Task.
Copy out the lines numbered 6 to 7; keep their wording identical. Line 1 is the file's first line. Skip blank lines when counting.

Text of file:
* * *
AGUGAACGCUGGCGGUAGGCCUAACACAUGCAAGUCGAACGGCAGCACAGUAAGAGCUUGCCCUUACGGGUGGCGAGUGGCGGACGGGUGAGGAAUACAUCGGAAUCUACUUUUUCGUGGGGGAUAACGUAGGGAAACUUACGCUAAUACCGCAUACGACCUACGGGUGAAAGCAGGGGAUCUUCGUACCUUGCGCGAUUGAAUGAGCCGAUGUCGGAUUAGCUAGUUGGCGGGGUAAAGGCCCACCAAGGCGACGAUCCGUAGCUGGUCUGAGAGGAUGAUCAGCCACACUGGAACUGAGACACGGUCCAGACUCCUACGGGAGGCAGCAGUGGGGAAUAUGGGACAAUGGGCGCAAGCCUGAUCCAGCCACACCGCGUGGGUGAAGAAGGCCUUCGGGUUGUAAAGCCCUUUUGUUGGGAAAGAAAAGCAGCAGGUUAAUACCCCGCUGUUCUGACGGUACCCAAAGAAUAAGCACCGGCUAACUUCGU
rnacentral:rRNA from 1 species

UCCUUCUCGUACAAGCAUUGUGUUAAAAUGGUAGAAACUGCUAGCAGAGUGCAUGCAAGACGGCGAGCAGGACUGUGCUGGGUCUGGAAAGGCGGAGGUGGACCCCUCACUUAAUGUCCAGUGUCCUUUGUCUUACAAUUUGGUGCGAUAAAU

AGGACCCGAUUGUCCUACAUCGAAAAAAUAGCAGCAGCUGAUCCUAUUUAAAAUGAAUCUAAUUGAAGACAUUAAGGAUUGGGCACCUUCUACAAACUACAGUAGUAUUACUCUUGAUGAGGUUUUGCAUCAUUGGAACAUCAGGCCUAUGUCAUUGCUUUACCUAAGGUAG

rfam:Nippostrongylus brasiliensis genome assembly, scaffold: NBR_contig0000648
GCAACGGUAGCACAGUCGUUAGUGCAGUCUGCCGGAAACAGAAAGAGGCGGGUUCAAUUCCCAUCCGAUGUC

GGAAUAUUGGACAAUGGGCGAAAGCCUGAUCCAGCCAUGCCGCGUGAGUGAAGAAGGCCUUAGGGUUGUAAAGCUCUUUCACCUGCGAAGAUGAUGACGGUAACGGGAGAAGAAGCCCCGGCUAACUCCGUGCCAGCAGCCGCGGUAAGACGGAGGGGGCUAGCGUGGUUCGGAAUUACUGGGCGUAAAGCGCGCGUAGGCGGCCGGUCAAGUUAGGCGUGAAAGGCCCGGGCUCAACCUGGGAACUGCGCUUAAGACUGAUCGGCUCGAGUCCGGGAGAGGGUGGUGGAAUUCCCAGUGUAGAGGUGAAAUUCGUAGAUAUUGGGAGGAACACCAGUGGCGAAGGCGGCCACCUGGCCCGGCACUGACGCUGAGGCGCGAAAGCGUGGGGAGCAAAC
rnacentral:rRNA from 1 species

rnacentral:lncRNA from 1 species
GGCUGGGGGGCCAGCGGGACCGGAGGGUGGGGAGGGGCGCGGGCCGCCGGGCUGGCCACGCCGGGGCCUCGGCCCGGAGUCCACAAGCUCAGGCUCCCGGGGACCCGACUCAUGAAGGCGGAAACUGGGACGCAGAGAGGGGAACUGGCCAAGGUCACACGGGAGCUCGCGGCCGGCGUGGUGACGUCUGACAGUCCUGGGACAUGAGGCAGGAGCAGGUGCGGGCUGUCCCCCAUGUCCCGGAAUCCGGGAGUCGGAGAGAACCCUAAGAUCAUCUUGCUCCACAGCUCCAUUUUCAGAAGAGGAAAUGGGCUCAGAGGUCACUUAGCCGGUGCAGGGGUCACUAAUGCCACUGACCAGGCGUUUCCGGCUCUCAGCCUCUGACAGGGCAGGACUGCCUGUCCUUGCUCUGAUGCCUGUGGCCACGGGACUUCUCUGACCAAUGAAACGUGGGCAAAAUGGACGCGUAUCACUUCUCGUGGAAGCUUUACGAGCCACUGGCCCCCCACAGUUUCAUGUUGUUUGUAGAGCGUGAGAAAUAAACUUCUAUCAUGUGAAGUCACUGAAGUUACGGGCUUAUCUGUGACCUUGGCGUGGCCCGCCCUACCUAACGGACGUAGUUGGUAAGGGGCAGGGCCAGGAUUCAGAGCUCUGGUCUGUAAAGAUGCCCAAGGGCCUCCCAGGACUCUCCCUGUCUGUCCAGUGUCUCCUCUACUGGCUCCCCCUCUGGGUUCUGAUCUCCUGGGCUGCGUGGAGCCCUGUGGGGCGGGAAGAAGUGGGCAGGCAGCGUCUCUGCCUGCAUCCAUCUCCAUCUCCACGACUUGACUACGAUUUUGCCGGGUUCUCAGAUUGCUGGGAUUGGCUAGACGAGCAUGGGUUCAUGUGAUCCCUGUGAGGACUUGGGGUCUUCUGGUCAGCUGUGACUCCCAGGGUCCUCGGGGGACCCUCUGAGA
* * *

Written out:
GCAACGGUAGCACAGUCGUUAGUGCAGUCUGCCGGAAACAGAAAGAGGCGGGUUCAAUUCCCAUCCGAUGUC

GGAAUAUUGGACAAUGGGCGAAAGCCUGAUCCAGCCAUGCCGCGUGAGUGAAGAAGGCCUUAGGGUUGUAAAGCUCUUUCACCUGCGAAGAUGAUGACGGUAACGGGAGAAGAAGCCCCGGCUAACUCCGUGCCAGCAGCCGCGGUAAGACGGAGGGGGCUAGCGUGGUUCGGAAUUACUGGGCGUAAAGCGCGCGUAGGCGGCCGGUCAAGUUAGGCGUGAAAGGCCCGGGCUCAACCUGGGAACUGCGCUUAAGACUGAUCGGCUCGAGUCCGGGAGAGGGUGGUGGAAUUCCCAGUGUAGAGGUGAAAUUCGUAGAUAUUGGGAGGAACACCAGUGGCGAAGGCGGCCACCUGGCCCGGCACUGACGCUGAGGCGCGAAAGCGUGGGGAGCAAAC